Fully warmed up, Ackerman got to his point about what all the hedging on Wall Street accomplishes. “I don’t see how that creates one job in America,” he said. “I don’t see how it helps the American economy. I don’t see how it helps the housing market or the building market or the let’s-make-steel or widgets market.”
Ackerman is right. The only beneficiaries of hedges, if they work out, are the bankers and traders who profit from a gamble they took with their depositors’ and shareholders’ money in the first place.
He continued: “What it helps is -- if you were right a majority of the time -- then it makes a bunch of money for the guys who did it and doesn’t help the company, the industry, the economy or the country at all. And if you were wrong, it puts systemically everything at risk. And when I say everything, I mean the confidence that the American people, the public, the investment community and everybody else has in the system. And that’s a loss you can’t hedge against.”
By then, Ackerman’s time was up. Dimon responded sheepishly with some pablum about all the loans JPMorgan Chase has made and all the people the company has hired. It wasn’t until the end -- right before Green confronted him -- that Dimon, too, started making some sense about how the focus should be on making Wall Street work for the American people and the economy, not just for the people lucky enough to work there.
He made this point in the context of the so-called Volcker rule, which would limit the ability of banks to make proprietary trades. “People should actually get in a room, talk about what they’re trying to accomplish, go through the specifics and not pretend that they’re either for Volcker or against Volcker,” Dimon said. “You may all want to get rid of it, but we have to deal with it, and it’s a very detailed thing. And I remind people, we do have the best capital markets in the world. You should go home at night and say that we sit upon the best economy in the world, the best capital markets in the world, the best job creator of the world.”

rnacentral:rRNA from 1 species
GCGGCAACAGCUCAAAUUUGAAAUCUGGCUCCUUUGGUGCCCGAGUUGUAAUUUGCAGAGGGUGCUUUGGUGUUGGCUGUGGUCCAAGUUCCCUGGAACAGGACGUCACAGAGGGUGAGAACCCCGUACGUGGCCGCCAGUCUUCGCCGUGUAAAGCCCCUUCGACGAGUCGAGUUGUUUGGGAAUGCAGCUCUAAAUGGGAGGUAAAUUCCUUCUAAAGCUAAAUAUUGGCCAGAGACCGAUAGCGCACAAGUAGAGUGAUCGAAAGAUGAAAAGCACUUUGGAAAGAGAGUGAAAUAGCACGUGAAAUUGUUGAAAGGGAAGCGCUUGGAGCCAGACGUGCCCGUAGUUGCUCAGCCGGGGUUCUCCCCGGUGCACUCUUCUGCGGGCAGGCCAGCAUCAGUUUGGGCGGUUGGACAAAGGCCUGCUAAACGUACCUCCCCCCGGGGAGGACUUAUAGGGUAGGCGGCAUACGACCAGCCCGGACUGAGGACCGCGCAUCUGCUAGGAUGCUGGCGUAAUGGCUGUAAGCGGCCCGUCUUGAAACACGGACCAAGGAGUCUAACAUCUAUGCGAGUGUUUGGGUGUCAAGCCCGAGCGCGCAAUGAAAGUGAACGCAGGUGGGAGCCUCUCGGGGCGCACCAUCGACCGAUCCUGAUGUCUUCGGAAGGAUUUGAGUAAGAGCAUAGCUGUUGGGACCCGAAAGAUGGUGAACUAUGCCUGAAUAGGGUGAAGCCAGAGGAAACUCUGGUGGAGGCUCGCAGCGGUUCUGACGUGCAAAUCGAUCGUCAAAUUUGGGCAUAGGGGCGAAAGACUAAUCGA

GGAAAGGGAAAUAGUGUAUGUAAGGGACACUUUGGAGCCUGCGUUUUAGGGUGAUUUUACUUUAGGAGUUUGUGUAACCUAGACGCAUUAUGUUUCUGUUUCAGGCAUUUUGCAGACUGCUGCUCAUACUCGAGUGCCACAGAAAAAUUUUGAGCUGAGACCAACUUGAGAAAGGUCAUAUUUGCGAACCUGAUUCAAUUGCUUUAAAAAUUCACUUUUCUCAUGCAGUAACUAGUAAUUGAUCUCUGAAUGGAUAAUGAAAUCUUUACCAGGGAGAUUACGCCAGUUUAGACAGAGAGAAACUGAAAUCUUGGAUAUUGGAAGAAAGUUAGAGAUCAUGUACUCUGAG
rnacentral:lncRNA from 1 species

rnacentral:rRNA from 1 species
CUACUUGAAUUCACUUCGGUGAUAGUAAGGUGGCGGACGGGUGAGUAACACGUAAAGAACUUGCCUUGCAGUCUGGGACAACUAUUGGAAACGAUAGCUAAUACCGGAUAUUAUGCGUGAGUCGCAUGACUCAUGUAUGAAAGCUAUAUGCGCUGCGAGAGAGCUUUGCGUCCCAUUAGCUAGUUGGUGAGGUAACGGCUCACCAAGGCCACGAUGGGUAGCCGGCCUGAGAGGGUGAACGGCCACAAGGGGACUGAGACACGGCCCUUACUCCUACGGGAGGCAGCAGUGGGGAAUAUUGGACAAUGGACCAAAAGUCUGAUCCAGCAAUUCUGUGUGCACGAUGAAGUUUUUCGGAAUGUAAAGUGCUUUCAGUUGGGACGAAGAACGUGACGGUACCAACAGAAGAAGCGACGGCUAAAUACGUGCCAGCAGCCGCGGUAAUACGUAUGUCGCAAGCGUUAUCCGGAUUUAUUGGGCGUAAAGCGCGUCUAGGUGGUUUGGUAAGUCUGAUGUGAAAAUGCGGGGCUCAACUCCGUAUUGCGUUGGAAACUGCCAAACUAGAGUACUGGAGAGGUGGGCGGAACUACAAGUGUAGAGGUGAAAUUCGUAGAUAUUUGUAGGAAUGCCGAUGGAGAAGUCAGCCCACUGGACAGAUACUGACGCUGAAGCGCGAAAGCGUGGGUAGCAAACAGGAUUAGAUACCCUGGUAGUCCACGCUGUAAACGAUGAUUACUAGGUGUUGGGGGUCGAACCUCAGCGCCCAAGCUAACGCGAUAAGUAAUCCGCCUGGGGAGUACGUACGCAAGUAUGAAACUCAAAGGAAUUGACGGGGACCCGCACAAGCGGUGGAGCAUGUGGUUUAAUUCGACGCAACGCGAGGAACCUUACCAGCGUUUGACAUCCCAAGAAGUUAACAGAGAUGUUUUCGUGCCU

Yes, we would all like to go home at night and feel that way, Jamie. But it’s been too long -- since well before the bottom fell out in 2007 and 2008 -- that Wall Street has given us any reason to do so. Although Dimon has talked about it before, notably to Charlie Rose at the Aspen Ideas Festival in July 2008, should it really have taken him so long to acknowledge the essential connection between what banks do and national productivity?
Sounds to me that instead of spending time with Green (as fascinating as that would be), Dimon should get in a room with Ackerman and start hammering out the new rules of engagement on Wall Street -- rules that will stop encouraging banks such as JPMorgan Chase to take foolish risks with other people’s money, improve the job prospects for millions of out-of-work Americans and start making our world-class capital markets respected again.
(William D. Cohan, a former investment banker and the author of “Money and Power: How Goldman Sachs Came to Rule the World,” is a Bloomberg View columnist. The opinions expressed are his own.)